allowed to fall below 9.5, hydrogen sulphide gas is evolved. These liquors may be oxidised,
(biologically or by adding chemicals using manganese sulphate as a catalyst) before being
mixed with acid effluent or being discharged to the general mixing tank which generally has a
pH of 8.5 – 9.
It is common practice to treat sulphide-bearing effluents from the beamhouse separately to
reduce the sulphide levels in the waste water treatment plant, and in order to prevent the release
of hydrogen sulphide when acidic effluents are mixed with effluents containing sulphide.
If sulphide-bearing effluents are to be mixed with acidic or neutral effluents before full
oxidation of the sulphide is achieved, the mixing must be carried out in an enclosed tank, with
air extraction through either a carbon filter or a scrubber dosed with either hydrogen peroxide or
alkaline sodium hypochlorite.
Sulphide removal from effluent is discussed in Section 4.9.2.
Driving force for implementation
Precautions to avoid the formation or emission of hydrogen sulphide are taken for some or all of
the following reasons:



to avoid toxic gas concentrations within the tannery;
to prevent emissions of hydrogen sulphide as an air pollutant;
to reduce odour nuisance, which can occur even in very low H2S concentrations.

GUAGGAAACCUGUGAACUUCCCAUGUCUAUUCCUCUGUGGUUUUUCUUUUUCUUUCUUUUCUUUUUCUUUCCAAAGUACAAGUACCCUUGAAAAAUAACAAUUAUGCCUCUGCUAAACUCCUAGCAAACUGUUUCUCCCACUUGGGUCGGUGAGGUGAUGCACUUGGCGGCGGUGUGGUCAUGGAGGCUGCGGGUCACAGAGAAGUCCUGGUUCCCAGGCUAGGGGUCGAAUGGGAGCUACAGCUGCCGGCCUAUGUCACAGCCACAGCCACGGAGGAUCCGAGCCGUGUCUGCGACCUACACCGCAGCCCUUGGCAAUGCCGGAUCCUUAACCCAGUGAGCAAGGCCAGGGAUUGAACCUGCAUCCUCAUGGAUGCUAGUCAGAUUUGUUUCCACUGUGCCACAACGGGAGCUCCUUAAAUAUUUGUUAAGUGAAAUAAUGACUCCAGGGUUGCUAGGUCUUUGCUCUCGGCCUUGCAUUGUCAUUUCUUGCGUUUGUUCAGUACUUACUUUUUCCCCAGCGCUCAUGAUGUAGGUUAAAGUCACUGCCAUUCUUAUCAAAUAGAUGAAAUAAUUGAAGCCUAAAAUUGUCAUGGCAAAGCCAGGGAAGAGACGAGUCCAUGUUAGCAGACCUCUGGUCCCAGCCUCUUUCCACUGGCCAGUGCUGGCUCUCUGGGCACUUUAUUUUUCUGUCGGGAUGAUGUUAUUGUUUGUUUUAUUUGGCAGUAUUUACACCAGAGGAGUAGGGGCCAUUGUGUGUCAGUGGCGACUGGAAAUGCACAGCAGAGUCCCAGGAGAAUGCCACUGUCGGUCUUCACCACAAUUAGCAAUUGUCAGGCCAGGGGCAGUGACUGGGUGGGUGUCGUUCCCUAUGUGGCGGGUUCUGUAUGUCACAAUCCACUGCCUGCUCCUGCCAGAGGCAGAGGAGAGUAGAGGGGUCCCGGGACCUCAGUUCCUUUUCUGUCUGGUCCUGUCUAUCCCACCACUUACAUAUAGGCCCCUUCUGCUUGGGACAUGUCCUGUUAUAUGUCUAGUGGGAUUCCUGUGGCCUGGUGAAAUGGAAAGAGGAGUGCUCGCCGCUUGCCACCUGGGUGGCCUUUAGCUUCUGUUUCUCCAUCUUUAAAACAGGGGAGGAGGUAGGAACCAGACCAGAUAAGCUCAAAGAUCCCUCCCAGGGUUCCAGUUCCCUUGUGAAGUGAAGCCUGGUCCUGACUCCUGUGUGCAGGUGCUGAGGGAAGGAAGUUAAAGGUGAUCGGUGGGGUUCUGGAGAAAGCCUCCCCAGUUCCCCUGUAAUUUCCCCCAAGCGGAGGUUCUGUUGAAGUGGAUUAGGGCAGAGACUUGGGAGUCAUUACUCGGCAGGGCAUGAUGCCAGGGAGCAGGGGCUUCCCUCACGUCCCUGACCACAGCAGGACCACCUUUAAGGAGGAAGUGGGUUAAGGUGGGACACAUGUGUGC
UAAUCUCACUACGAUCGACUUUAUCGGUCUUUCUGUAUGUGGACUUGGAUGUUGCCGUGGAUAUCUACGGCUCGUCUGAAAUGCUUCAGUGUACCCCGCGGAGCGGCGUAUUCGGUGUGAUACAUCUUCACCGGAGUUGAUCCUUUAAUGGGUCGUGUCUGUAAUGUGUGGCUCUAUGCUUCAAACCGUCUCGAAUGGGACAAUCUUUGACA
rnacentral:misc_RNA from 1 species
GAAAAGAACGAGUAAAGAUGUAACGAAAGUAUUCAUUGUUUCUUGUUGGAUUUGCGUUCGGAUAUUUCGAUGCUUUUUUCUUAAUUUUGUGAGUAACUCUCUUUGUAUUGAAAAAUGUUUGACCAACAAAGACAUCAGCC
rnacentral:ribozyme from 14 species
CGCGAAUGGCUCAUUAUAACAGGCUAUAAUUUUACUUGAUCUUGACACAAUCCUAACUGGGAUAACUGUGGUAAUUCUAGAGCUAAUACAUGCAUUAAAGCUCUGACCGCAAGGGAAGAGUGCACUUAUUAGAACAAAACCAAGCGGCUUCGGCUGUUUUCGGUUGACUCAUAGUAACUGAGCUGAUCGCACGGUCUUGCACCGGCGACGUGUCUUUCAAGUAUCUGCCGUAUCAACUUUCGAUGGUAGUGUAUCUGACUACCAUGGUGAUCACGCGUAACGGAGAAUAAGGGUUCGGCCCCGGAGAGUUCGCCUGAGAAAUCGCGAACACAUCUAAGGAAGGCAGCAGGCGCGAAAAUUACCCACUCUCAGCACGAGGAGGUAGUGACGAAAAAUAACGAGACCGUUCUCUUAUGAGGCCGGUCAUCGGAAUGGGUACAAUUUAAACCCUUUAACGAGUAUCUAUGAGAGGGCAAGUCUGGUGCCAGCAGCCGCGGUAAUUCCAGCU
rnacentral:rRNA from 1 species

Example plants
Many tanneries in Europe take steps to curtail the formation and release of hydrogen sulphide.
Reference literature:
[17, UNEP 1991] [56, Pearson et al. 1999] [72, Germany 2000] [90, Tanneries 2008].
Tanning of Hides and Skins
143
Chapter 4
4.5.4
Lime splitting
Description
Carrying out the splitting operation at an earlier stage of processing, so as to produce an
untanned by-product.
Technical description
Splitting is a mechanical operation, in which the hide is divided horizontally into an outer 'grain'
and a flesh layer (sometimes even a middle layer). The splitting can be done either after liming
(lime splitting) or after chromium tanning, in the wet blue condition.
In many cases, the splitting of limed hides is more environmentally friendly than splitting after
tanning (blue splitting).
Faced with the difficulties of upgrading the chromium-tanned-split waste, splitting in the lime